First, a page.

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Electron configuration - newbie question


heronww
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Hi there. I apologise in advance if this question seems stupid and simple, I am very much a novice at this and I couldn't find any site that had the answer I was looking for, or at least not in a manner I could interpret.

 

In regards to electron configuration, I understand that the order of shells and orbitals is in the form 1s 2s 2p 3s 3p 4s 3d 4p etc.. however there is something I don't understand.

 

Take for example the element Krypton. Going by the order of electron configuration it would seem the element should have the configuration of

[Ar]4s2 3d10 4p6, yet every site I check it seems to have the form [Ar]3d10 4s2 4p6.

 

I am curious as to why the 3d10 appears before the 4s2, out of order?

 

Many thanks.

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from wiki:

 

Exceptions in 3d, 4d, 5d

 

A d subshell that is half-filled or full (ie 5 or 10 electrons) is more stable than the s subshell of the next shell. This is the case because it takes less energy to maintain an electron in a half-filled d subshell than a filled s subshell. For instance, copper (atomic number 29) has a configuration of [Ar]4s1 3d10, not [Ar]4s2 3d9 as one would expect by the Aufbau principle. Likewise, chromium (atomic number 24) has a configuration of [Ar]4s1 3d5, not [Ar]4s2 3d4 where [Ar] represents the configuration for argon.

 

I hope you find that useful!

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remember always that 4s is always filled first regardless of the arragement.

 

that's the opposite of what the electron configuration for krypton suggests

 

I have to admit i don't know the answer to the original question

 

I think most likely it either means that when the subshells are FULL, they exist in the order noted, and they only overlap when not entirely filled. OR it means that it's just customary to write the shells in their "logical" order (keeping all subshells of a shell together) when they're full, since their relative positions becomes less important.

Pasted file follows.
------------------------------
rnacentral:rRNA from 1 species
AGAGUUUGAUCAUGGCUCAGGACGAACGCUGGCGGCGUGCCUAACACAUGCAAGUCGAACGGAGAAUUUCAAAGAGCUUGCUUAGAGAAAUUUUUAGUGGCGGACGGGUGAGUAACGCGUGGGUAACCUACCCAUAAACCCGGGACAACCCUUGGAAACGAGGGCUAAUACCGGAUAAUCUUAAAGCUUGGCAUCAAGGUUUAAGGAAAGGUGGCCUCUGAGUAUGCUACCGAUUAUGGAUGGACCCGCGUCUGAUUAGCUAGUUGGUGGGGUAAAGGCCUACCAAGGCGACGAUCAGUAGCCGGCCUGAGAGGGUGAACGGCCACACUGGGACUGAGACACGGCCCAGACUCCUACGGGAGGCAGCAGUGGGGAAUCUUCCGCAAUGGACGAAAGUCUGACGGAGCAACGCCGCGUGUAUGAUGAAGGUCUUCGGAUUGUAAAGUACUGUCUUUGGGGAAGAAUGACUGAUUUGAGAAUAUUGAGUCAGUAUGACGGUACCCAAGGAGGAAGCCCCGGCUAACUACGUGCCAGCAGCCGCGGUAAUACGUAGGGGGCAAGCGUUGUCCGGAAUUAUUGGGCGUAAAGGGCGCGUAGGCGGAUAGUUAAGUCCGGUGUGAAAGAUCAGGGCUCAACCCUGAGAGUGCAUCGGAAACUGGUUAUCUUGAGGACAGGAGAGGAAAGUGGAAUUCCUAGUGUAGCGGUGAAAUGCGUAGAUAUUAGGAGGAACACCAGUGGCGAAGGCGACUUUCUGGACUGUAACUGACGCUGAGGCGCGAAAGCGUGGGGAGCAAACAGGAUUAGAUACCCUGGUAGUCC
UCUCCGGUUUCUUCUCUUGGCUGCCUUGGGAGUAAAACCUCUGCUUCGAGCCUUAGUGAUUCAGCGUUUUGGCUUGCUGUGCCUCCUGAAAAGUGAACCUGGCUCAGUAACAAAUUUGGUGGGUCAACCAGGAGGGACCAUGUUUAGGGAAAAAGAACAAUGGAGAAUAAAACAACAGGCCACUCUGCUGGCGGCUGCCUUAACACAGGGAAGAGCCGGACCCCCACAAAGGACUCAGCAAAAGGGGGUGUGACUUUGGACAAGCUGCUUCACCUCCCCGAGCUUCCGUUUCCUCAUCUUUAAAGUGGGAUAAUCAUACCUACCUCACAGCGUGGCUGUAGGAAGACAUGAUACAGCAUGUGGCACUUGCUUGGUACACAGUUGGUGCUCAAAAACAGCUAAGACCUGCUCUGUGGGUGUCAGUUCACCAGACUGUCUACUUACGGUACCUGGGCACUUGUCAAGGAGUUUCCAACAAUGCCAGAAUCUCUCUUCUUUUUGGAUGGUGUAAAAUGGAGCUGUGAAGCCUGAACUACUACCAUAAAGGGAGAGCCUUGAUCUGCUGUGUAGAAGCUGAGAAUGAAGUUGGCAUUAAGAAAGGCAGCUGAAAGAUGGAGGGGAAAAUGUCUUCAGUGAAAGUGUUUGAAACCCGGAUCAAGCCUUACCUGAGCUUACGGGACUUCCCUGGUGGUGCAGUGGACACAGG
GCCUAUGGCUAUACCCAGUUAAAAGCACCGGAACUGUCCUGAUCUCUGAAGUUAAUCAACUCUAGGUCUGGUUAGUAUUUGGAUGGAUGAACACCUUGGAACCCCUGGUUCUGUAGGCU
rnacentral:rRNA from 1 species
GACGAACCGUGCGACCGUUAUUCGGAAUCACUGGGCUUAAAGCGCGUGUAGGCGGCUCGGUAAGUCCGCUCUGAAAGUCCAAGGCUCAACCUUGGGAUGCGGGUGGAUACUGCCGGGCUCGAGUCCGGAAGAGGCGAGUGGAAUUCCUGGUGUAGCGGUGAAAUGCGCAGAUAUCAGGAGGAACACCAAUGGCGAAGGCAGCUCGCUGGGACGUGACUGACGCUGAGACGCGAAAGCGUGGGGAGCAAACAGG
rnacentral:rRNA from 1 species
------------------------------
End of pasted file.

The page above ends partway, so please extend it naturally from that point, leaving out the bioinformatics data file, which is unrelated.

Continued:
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not as simple as you say it is....

 

Have a look at this link

 

Start at element 36 and add electrons until you get to xenon (54)

 

you'll see that indeed the 5s electrons get added first, but then one gets taken away again as you get to niobium (element 41) and then when you get to palladium (element 46), another electron si removed from 5s, leaving it empty. THEN it gets filled up again and the 5p block behaves itself properly.

 

If you continue, you'll see that the f-block has all sorts of crazy twists and turns.

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so are you saying that in Krypton, the order of the subshells is altered, leaving us with the 3d and 4s the right way round, unlike the other elements?

 

The difference stands (i think) on the level of energy needed to maintain the electron in the shell. You need more energy to keep the electron in the filled s subshell than in half-filed d. That is because the half-filled or full-filled d subshell is more stable than s! It is not the same as the old model, by which first you need to complete s than d!

 

example:

Chromium-24 [math]1s^2 2s^2 2p^6 3s^2 3p^6 4s^1 3d^5[/math]

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The difference stands (i think) on the level of energy needed to maintain the electron in the shell. You need more energy to keep the electron in the filled s subshell than in half-filed d. That is because the half-filled or full-filled d subshell is more stable than s! It is not the same as the old model, by which first you need to complete s than d!

 

example:

Chromium-24 [math]1s^2 2s^2 2p^6 3s^2 3p^6 4s^1 3d^5[/math]

 

yes very true. there are a lotf of examples of this kind of thing but it doesnt apply to krypton

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Thanks very much for the explanations. I sort of understand the concept now of how the electron configuration of some atoms may differ from the set pattern, but is krypton one of the elements that does differ? If so, does that mean to say that any element higher than krypton beginning with the abbreviation [Kr] would have the same inconsistency in its electron configuration? For example would Rubidium, being [Kr] 5s1 be equivelant to [Ar]3d10 4s2 4p6 5s1? And would the same principle apply to each subsequent element before the next noble gas, thus breaking the electron pattern?

 

Or perhaps I've totally misinterpreted the way the electron pattern is supposed to be! Thanks once again, this is all helpful information.

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  • 3 weeks later...

The reason the electron configuration is listed 3d10 4s2 4p6 is that they list the orbitals in numerical order, not by energy levels or filling order. This also helps newbies remember that the n = 3 shell consists of 3s, 3p, and 3d orbitals. Hope this helps!

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